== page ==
This socioeconomic study explores the individual characteristics (gender, education, age and household type) of the non-institutionalised Gold Coast aged to explain their access to private resources of wealth, health, and social network. Government policy towards self-reliance during old age (compulsory superannuation, tightening of the means test on the age pension. Home and Community Care and recent tax changes) makes it paramount for us to study individual characteristics in order to explain socioeconomic differentials.
The Gold Coast is a preferred location for retirement, boasting, as it does, the highest proportion of residents, aged 65 years and over - 5% higher than the overall Australian proportions.
Using regression analysis based on the study's survey data (conducted in 1998/1999) of 401 Gold Coast older residents, this thesis tests the hypothesis that (1) gender and education explain
socioeconomic differentials among the aged in general and that (2) the wealth, health and social network effects of education are different between men and women.
The result of the analysis revealed that education was a significant determinant of socioeconomic differentials (as indicated by wealth, health and social network) among the total sample and when segregated by household type (single-person and couple). Gender was significant when respondents were segregated into single and couple households, but part of that gender effect depended on education. Single females had significantly less access to income and private transport than single males. However the evidence suggested that single males suffered most from weaker social networks. Indeed contact with family was significantly less for single older males.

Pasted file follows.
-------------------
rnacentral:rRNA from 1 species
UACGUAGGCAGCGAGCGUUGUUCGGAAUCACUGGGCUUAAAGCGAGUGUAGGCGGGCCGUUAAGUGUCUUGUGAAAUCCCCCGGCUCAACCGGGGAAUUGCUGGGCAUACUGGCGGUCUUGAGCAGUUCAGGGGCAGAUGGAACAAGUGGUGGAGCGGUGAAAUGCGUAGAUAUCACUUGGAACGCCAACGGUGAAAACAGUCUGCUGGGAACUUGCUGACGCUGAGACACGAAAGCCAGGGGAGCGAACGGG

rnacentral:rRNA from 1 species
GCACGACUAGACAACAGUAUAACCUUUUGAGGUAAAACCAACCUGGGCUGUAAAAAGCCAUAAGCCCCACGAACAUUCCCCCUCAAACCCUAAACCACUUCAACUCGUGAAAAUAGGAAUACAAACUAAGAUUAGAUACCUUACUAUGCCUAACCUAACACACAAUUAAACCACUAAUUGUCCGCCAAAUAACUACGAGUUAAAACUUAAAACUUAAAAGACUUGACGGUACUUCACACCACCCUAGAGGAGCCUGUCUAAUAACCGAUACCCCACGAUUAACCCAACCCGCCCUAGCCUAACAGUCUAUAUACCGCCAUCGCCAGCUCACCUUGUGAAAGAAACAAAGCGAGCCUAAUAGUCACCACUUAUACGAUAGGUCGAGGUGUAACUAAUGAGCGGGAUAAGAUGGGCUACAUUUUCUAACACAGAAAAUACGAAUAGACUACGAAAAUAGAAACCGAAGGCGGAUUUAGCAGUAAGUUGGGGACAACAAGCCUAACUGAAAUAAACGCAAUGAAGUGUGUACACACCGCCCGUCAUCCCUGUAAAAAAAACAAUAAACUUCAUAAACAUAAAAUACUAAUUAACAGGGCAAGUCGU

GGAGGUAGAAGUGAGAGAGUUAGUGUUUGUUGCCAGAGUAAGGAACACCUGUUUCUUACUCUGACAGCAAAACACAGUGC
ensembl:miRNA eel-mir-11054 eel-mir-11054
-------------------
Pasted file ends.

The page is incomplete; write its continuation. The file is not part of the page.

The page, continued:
The study also highlighted the special features of the Gold Coast region. Our results showed that the longer the aged resided on
the Gold Coast the better the social network structure, while the type of housing influenced opportunities for social interaction. Further, single-people residing in high-rise apartments were more likely to suffer from social isolation than those residing elsewhere.
Lastly the analysis found no significance in the gender or education variable in explaining health status. The implication is that the Australian universal health care system may have indeed equalised health status among the aged.
In light of the government's increasing notion of self-reliance I conclude by suggesting that policy makers continue to provide equitable access to education to equalise future retirement incomes. Concern for many women living alone provides strong support for the continuation of government subsidised programmes such as "transcord", that meet the transport needs of the aged. Finally, I raise concerns for the availability of
informal care among single-person households and particularly among single older men, given the government's continuing move towards self-reliance, as reflected in the Home and Community Care programme that relys on informal support.